My binoculars picked up a trio of ducks coming in off the sea, writes George Hogg (Hogg Estate Services).
Nearer they came before wheeling down onto the sheltered bay before me.
Only now could I see they were all handsome Pochard drakes, a species I rarely see on our winter coasts anymore. They are distinctive with their reddish-brown heads and black chests.
They had the air of experienced travellers, pitching in for a short rest and refuel on transit to elsewhere.
Latvians, perhaps, for over half the ringed Pochard recovered in Britain in recent years have bred in Latvia.
But then again, ringing recoveries reflect the Steppe habitat these birds like to breed in.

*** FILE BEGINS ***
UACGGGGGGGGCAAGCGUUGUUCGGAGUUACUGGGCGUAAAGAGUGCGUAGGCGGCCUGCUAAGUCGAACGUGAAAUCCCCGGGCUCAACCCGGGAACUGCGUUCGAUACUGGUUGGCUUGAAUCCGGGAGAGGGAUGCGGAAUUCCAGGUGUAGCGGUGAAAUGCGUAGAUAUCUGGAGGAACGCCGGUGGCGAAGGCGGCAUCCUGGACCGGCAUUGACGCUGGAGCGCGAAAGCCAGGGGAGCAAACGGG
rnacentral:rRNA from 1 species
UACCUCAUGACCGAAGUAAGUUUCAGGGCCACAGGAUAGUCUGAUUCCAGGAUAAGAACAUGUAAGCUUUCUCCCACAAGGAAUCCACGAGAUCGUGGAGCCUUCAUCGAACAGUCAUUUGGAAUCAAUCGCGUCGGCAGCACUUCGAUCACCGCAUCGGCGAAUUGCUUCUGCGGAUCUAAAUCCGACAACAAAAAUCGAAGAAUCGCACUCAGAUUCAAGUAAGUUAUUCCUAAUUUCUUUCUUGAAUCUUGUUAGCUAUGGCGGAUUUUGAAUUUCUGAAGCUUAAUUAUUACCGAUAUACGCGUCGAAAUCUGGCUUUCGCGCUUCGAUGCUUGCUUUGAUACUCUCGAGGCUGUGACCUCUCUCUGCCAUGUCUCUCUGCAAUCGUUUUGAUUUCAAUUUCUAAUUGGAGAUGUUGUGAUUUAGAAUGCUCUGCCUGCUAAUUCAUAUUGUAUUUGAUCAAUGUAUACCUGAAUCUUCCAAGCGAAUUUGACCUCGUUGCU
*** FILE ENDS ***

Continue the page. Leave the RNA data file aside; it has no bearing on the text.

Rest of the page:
Poland, Lithuania, Finland, Estonia, the Czech Republic and both European and Asian parts of Russia.
This you will realise means that my trio of refuelling Pochard could already have flown well over a thousand miles, maybe nearer two thousand.
The not knowing and the imagining are as wonderful to me as the science.
Many ornithologists crave knowledge. I crave wonder and amazement.
Pochard were not always so scarce.
Older readers may recall when winter would see large numbers gather on the lochs of Holyrood Park in the 1960s and 70s.
They fed in the Forth, on barley from the city’s distilleries and maltings which found its way via the sewage outlets.
Improvements to the sewage system later robbed them of this bounty and they were forced to seek out other wintering areas.
This was also the case with Scaup, another diving duck, which resembles the tufted duck. There were thousands on the Forth in those far off winters.
I even cared for a few oiled ones as I did all manner of wildlife waifs.